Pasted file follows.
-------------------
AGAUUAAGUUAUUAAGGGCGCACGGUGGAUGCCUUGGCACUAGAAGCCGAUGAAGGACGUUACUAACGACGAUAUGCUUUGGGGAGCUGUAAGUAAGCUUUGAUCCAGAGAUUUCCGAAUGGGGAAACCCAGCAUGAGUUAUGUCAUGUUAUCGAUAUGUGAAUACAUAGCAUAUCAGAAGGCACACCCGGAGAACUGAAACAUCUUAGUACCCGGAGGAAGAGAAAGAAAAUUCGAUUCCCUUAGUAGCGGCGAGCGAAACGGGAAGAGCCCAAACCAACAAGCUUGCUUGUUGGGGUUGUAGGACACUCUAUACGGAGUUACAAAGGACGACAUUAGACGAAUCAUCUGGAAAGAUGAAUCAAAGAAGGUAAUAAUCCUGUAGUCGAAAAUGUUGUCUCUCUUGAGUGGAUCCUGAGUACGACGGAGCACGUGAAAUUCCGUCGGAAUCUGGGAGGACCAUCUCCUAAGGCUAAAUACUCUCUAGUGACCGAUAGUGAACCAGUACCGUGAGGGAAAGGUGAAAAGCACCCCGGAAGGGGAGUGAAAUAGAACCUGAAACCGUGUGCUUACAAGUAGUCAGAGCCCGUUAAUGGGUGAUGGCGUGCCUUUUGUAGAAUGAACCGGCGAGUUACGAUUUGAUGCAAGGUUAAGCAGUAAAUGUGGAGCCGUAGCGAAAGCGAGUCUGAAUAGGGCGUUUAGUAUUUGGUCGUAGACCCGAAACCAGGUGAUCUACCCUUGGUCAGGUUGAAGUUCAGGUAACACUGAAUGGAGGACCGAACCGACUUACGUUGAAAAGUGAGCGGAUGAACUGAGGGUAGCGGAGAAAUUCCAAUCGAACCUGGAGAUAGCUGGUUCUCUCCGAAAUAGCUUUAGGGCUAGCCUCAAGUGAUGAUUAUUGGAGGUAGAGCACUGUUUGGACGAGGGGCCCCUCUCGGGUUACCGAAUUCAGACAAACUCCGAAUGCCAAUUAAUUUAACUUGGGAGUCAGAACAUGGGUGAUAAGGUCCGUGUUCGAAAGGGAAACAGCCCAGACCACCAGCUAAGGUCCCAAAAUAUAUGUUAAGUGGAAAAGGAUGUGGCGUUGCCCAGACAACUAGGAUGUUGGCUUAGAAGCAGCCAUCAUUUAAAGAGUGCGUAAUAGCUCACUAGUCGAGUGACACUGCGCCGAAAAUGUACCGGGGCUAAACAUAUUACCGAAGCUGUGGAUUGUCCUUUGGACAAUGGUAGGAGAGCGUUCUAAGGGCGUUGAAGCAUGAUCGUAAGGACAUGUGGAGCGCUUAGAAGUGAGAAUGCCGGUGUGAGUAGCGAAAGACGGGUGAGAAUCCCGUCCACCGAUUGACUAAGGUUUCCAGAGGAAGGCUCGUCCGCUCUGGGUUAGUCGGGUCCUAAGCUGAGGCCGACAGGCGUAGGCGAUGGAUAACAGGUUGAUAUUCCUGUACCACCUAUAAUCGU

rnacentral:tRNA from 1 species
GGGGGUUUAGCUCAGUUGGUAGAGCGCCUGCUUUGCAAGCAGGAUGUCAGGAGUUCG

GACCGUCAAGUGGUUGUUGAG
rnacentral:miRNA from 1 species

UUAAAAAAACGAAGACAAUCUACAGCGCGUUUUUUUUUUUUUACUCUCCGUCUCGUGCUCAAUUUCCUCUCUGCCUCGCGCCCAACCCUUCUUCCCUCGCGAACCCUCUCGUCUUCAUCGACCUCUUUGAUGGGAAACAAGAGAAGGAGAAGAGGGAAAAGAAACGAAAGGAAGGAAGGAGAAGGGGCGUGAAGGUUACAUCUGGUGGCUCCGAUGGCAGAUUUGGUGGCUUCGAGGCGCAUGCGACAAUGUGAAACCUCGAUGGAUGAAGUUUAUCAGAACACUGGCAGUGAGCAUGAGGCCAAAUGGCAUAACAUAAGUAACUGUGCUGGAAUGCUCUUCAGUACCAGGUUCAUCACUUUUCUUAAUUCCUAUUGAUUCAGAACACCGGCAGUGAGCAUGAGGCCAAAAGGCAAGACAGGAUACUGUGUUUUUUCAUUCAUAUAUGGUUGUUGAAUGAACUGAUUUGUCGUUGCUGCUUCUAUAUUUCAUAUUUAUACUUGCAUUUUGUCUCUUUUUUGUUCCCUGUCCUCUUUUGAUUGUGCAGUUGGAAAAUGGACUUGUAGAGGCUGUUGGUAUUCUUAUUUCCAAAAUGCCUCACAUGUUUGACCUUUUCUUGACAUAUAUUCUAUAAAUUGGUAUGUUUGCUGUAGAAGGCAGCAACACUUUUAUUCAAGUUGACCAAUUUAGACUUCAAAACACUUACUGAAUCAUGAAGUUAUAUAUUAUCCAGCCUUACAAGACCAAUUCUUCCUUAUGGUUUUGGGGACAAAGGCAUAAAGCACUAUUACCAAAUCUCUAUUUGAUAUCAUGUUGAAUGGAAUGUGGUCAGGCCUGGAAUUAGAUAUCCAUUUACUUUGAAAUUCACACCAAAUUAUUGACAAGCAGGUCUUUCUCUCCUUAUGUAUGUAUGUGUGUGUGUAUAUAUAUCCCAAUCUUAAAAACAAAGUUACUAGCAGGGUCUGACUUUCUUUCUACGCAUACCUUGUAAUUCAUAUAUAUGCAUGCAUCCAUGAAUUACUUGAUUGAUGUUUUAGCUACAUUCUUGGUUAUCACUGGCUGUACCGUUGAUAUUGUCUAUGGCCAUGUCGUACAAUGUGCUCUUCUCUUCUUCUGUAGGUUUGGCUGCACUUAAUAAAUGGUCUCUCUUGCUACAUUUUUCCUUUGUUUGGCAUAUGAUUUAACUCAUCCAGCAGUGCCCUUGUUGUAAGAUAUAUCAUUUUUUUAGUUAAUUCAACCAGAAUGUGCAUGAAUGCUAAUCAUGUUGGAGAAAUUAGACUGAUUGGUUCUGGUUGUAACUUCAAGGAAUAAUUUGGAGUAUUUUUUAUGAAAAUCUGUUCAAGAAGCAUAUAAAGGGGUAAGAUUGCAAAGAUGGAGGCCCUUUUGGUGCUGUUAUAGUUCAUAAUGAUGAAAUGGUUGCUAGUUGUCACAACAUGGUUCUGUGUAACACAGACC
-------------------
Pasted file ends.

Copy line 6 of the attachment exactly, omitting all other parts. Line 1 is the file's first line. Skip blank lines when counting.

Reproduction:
UUAAAAAAACGAAGACAAUCUACAGCGCGUUUUUUUUUUUUUACUCUCCGUCUCGUGCUCAAUUUCCUCUCUGCCUCGCGCCCAACCCUUCUUCCCUCGCGAACCCUCUCGUCUUCAUCGACCUCUUUGAUGGGAAACAAGAGAAGGAGAAGAGGGAAAAGAAACGAAAGGAAGGAAGGAGAAGGGGCGUGAAGGUUACAUCUGGUGGCUCCGAUGGCAGAUUUGGUGGCUUCGAGGCGCAUGCGACAAUGUGAAACCUCGAUGGAUGAAGUUUAUCAGAACACUGGCAGUGAGCAUGAGGCCAAAUGGCAUAACAUAAGUAACUGUGCUGGAAUGCUCUUCAGUACCAGGUUCAUCACUUUUCUUAAUUCCUAUUGAUUCAGAACACCGGCAGUGAGCAUGAGGCCAAAAGGCAAGACAGGAUACUGUGUUUUUUCAUUCAUAUAUGGUUGUUGAAUGAACUGAUUUGUCGUUGCUGCUUCUAUAUUUCAUAUUUAUACUUGCAUUUUGUCUCUUUUUUGUUCCCUGUCCUCUUUUGAUUGUGCAGUUGGAAAAUGGACUUGUAGAGGCUGUUGGUAUUCUUAUUUCCAAAAUGCCUCACAUGUUUGACCUUUUCUUGACAUAUAUUCUAUAAAUUGGUAUGUUUGCUGUAGAAGGCAGCAACACUUUUAUUCAAGUUGACCAAUUUAGACUUCAAAACACUUACUGAAUCAUGAAGUUAUAUAUUAUCCAGCCUUACAAGACCAAUUCUUCCUUAUGGUUUUGGGGACAAAGGCAUAAAGCACUAUUACCAAAUCUCUAUUUGAUAUCAUGUUGAAUGGAAUGUGGUCAGGCCUGGAAUUAGAUAUCCAUUUACUUUGAAAUUCACACCAAAUUAUUGACAAGCAGGUCUUUCUCUCCUUAUGUAUGUAUGUGUGUGUGUAUAUAUAUCCCAAUCUUAAAAACAAAGUUACUAGCAGGGUCUGACUUUCUUUCUACGCAUACCUUGUAAUUCAUAUAUAUGCAUGCAUCCAUGAAUUACUUGAUUGAUGUUUUAGCUACAUUCUUGGUUAUCACUGGCUGUACCGUUGAUAUUGUCUAUGGCCAUGUCGUACAAUGUGCUCUUCUCUUCUUCUGUAGGUUUGGCUGCACUUAAUAAAUGGUCUCUCUUGCUACAUUUUUCCUUUGUUUGGCAUAUGAUUUAACUCAUCCAGCAGUGCCCUUGUUGUAAGAUAUAUCAUUUUUUUAGUUAAUUCAACCAGAAUGUGCAUGAAUGCUAAUCAUGUUGGAGAAAUUAGACUGAUUGGUUCUGGUUGUAACUUCAAGGAAUAAUUUGGAGUAUUUUUUAUGAAAAUCUGUUCAAGAAGCAUAUAAAGGGGUAAGAUUGCAAAGAUGGAGGCCCUUUUGGUGCUGUUAUAGUUCAUAAUGAUGAAAUGGUUGCUAGUUGUCACAACAUGGUUCUGUGUAACACAGACC